National decisions about whether to include ‘high-risk vendors’ in their 5G networks have dominated the media landscape over much of the last year. In addition, while many people have tried to recommend one-size-fits-all solutions, our research indicated that the problem is much more complicated.
An individual country’s specific circumstances, including its risk appetite, its experience and resources, and the threats it faces, change what solutions are appropriate. For the UK, we looked at the small number of vendors available, the country's experience and resources it could leverage in this area, and the other threats the UK might face.
Despite the importance of national context in decision making, there are measures that all countries can and should be taking to protect their telecommunications infrastructure.
Our research identified five such measures, including: constructing networks to be resilient and be able to avoid single points of failure; managing operators’ access to the network for patching and maintenance; testing and monitoring of network behaviour, as well as individual components; strong cyber security standards and basic cyber hygiene; and, if necessary, restricting some vendors from providing equipment to the network.
While the last measure and the question of Huawei have been the focus of much of the debate around 5G, it is only one of several measures that countries need to be considering in order to ensure a comprehensive and thorough approach to 5G network security.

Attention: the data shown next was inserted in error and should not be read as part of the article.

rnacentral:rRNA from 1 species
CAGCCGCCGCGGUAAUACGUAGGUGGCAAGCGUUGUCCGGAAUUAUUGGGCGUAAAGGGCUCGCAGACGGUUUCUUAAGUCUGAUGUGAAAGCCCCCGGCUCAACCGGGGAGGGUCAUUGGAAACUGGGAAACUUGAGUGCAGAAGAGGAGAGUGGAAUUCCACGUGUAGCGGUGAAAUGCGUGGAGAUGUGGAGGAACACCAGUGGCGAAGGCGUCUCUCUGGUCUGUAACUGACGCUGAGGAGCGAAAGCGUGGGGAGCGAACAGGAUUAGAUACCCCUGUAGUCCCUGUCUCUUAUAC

Securing supply chains
We’ve also been looking at other areas of what the UK considers critical national infrastructure, including the energy, healthcare, and defence sectors. To take Defence as an example, both the UK's MoD and the US's DoD are currently in the process of putting in place new cyber security guidelines and restrictions, a process that has been complicated by COVID-19. Both noticed the importance of focusing on cyber security throughout their long supply chains, not only for the prime contractors, but also for the small and medium enterprises that provide critical support.
The supply chain disruptions caused by COVID-19 have raised serious questions about how and whether countries have safeguarded supply chains for such infrastructure. While the question became particularly pointed for healthcare technology as a result of the pandemic, such concerns apply across a range of sectors.
The cyber security concerns around both the supply chains themselves, as well as the resulting items, affect everyone from critical national infrastructure to small businesses. Governments should use the new attention such issues have drawn to examine the extent to which they can and should secure supply chain security and cyber security. They should include in this consideration the realisation that in this interconnected world, supply chain disruptions are a fact of life that is often outside their control. Resilience and adaptability are therefore key characteristics that are critical for supply chains.
As we adjust to the seemingly long-term nature of COVID-19, it seems safe to say that these challenges – as well as those yet to emerge – will continue to evolve over the coming months.
About the author
Rebecca Lucas is a Research Analyst in Cyber Threats and Cyber Security at the Royal United Services Institute